Coronavirus: online GP bookings should be stopped because of safety risks, warns BMABMJ 2020; 368 doi: https://doi.org/10.1136/bmj.m611 (Published 13 February 2020) Cite this as: BMJ 2020;368:m611
General practices should be able to turn off their online booking systems in response to the covid-19 outbreak without fear of repercussions over breaching their contract, the BMA has told NHS England.
Practices are contractually obliged to provide 25% of their appointments through online booking; as this system does not triage patients in the same way that a receptionist does, however, the BMA has warned that it could lead to patients who have potentially contracted coronavirus turning up at the practice. This would put both staff and other patients at risk.
Current government advice for patients with potential symptoms, or who are concerned because of relevant travel history, is to call NHS 111 rather than going to hospital or their GP practice.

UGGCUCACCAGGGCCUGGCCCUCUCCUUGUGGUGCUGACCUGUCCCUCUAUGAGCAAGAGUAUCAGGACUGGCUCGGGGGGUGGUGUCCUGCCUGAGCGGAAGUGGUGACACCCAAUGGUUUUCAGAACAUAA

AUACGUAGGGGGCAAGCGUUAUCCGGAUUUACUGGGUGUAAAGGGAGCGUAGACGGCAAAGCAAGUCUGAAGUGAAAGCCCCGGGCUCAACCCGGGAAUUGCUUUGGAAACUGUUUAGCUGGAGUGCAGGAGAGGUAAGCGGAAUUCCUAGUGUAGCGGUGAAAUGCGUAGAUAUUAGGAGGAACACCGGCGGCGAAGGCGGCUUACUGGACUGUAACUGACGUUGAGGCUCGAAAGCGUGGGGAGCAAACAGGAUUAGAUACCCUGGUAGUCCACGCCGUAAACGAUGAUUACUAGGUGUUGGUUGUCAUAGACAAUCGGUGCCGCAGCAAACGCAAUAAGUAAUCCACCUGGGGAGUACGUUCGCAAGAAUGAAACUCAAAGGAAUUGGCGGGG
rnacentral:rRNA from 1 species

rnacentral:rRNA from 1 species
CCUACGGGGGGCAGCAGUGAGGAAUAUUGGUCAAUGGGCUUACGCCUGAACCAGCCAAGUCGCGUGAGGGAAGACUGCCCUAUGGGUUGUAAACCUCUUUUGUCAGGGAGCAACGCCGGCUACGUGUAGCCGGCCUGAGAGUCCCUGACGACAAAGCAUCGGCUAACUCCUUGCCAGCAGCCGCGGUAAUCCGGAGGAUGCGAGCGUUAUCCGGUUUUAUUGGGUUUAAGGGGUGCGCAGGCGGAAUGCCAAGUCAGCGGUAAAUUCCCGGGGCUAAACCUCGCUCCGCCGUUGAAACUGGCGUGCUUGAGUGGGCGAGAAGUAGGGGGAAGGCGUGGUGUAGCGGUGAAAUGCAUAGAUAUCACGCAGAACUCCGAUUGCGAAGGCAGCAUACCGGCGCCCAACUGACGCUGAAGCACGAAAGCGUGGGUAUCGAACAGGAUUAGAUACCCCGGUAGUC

As of 12 February, a total of 1758 people have been tested for the virus in the UK, of which 1750 were confirmed negative and eight positive. Two of those infected are believed to be GPs from a practice in Brighton, which has been temporarily closed.
Speaking to The BMJ, BMA GP Committee member Peter Holden said, “It’s clear that a hole in the system has occurred. The whole coronavirus triaging system is dependent on people not coming and potentially contaminating the estate and infecting patients and healthcare workers needlessly. The online booking of appointments was, unfortunately, overlooked.
“The BMA are asking the government if, in the interests of patient safety and preservation of the service, we can switch off online booking.
“At the moment, in theory, a practice would be in breach of its contract if it stopped providing online booking, but it would be foolish for anyone to challenge them on that. Online booking is about patient convenience, not safety, and safety has to come first. We also have a duty to our staff and our other patients.”
The UK government officially declared the coronavirus outbreak a “serious and imminent threat to public health” on 10 February.1 As part of this, NHS staff members were given “strengthened powers” to keep patients in isolation where necessary.